PCF5:Female literacy, education and empowerment
(Redirected from PCF5: Female literacy, education and empowerment)
Title of session
Female literacy, education and empowerment: risks and potential of ODL
- Date: 14 July 2008
- Time: 14.00
- Room: 642
- Jyostna Jha; Alex Wright, Female literacy, education and empowerment: risks and potential of ODL (793)
- Dr.Irshad Hussain , Distance education as a strategy for eliminating gender disparity in Pakistan (609)
- Mrs. Rokosiga Morrison, Improving the livelihoods of women in rural areas through distance education (255)
- Elaine Unterhalter,Institute of Education, University of London (Discussant/Response)
Key Issues that arose in the session
- Does ODL offer comparable prospects for empowerment as traditional delivery methods?
- Under what conditions can ODL technologies enable individuals/groups to engage in social practices that may foster empowerment: common constraints /enabling conditions (risks/potential)
- How does ODL recast the relationship between teacher/facilitators and learner/participants . Role of content and facilitator/teacher
Points for future action (Policy, recommendations, commitments etc.)
- The large challenge of huge numbers of women without education is significant .It needs to come out as a ~head-on~ issue ( more than a sub-topic of a sub-theme). It needs to be mainstreamed as a topic of discussion and attention more.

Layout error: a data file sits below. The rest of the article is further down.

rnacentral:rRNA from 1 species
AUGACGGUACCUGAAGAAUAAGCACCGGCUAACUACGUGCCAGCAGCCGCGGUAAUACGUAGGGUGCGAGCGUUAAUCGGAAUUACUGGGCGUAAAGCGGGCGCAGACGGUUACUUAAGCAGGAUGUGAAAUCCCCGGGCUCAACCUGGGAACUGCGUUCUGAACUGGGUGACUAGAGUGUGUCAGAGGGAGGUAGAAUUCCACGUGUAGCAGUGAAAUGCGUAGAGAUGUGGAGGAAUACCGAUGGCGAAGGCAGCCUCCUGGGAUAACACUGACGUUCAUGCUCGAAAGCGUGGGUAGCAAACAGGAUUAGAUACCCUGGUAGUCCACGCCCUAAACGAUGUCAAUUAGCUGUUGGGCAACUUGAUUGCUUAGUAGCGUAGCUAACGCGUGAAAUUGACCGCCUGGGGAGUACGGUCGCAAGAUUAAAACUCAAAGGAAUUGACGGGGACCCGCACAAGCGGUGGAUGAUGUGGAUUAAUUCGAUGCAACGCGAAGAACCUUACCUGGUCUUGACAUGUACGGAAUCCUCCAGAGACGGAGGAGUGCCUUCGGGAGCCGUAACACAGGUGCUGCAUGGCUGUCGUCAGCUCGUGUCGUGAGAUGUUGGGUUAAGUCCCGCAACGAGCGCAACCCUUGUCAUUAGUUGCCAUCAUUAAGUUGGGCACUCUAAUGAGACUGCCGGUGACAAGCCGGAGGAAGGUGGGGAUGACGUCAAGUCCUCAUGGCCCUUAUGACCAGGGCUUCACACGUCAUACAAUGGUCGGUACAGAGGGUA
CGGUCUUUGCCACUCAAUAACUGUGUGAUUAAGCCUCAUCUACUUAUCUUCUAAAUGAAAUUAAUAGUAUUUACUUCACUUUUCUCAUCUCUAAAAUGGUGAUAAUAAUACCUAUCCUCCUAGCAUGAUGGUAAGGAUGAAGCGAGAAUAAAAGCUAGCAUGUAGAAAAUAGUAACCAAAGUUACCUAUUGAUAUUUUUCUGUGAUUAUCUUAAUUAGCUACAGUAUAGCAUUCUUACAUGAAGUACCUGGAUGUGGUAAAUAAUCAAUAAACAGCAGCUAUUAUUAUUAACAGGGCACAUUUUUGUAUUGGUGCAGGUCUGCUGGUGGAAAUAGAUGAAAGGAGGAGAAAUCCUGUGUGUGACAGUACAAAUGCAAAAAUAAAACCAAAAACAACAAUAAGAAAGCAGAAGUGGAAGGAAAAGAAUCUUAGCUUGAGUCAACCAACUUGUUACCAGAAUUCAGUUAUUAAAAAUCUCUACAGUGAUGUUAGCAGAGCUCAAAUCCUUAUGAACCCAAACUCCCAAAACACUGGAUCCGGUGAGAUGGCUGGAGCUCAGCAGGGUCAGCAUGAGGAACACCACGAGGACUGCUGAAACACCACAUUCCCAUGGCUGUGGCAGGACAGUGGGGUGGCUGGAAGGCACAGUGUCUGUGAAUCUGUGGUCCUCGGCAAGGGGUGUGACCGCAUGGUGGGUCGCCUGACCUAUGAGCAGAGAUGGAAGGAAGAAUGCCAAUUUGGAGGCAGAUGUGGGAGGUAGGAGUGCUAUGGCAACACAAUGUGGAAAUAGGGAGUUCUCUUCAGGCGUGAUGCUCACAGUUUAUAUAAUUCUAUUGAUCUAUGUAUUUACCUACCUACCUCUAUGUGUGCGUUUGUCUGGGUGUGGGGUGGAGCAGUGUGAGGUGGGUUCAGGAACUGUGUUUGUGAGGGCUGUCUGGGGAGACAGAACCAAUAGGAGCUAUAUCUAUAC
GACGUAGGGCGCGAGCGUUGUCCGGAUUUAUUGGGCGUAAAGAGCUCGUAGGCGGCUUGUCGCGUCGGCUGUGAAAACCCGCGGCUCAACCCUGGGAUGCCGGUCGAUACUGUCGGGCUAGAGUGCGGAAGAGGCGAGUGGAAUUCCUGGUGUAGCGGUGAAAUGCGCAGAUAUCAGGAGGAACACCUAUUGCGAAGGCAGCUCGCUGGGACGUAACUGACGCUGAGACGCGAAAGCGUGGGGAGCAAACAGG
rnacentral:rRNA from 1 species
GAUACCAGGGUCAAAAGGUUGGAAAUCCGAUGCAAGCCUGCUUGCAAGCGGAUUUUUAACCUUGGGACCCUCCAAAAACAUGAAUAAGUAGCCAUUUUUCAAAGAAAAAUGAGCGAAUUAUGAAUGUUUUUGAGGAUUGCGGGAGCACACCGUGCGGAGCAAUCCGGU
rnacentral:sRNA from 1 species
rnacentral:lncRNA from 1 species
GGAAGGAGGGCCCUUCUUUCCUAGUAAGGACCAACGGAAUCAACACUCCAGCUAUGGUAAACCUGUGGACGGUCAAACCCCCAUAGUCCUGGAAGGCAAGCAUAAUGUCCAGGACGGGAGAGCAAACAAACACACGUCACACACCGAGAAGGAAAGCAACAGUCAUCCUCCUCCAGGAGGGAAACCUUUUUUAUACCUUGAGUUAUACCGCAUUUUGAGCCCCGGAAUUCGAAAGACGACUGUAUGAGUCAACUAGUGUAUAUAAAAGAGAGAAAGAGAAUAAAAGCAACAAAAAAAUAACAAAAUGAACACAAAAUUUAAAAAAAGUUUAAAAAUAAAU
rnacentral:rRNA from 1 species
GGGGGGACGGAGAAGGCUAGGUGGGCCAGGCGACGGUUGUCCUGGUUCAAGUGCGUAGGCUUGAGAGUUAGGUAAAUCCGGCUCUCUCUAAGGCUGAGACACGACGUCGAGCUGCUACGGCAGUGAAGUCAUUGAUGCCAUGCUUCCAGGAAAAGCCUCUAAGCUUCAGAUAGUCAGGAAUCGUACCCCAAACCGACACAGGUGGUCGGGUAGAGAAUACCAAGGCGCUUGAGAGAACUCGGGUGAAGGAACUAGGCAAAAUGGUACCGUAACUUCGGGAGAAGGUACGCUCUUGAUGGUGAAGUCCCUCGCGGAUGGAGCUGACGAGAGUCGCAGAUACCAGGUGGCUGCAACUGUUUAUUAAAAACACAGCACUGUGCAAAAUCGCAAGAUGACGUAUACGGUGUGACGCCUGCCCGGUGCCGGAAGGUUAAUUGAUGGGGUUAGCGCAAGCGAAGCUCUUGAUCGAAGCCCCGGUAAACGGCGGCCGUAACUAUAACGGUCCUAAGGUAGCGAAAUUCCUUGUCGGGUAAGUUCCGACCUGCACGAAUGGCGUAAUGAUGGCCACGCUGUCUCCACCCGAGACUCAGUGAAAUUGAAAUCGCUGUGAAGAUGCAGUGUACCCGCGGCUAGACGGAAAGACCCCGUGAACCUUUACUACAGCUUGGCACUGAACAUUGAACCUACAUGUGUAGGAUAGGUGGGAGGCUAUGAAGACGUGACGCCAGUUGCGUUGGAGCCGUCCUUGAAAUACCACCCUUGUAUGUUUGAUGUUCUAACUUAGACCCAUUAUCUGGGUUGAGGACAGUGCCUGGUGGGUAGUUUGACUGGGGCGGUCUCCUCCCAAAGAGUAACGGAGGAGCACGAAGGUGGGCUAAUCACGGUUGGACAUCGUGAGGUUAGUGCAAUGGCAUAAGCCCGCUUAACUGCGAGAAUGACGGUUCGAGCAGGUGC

- Moving from looking at ODL as a solution to a first order problem –the challenge of access , serious attention needs to be focused on the second order challenges-that are a lot more complex; that need to be addresses in realising the transformative potential of ODL .
- Access does not automatically equal empowerment. Beyond access, gender issues remain the same to a large extent in both conventional and ODL forms of education. Key elements of empowerment would be the role of teacher/facilitator, the nature of materials /content; the nature of technology and the transaction itself- which can all equally reinforce, rather than interrogate stereo typical/ascribed gender roles. The fact that (i) ODL is increasingly dependent on technology and the access to technology itself is sharply divided and biased against women, and also that (ii) the physical environment of peer-group interaction which provides a form of alternative socialisation in the formal educational institutions is either absent or limited in ODL, pup up additional challenges for ODL in terms of making the delivery gender responsive and transformative.
Unless these are seriously examined , understood interrogated and addressed , ODL poses as much of a risk as a potential enabler to women’s empowerment.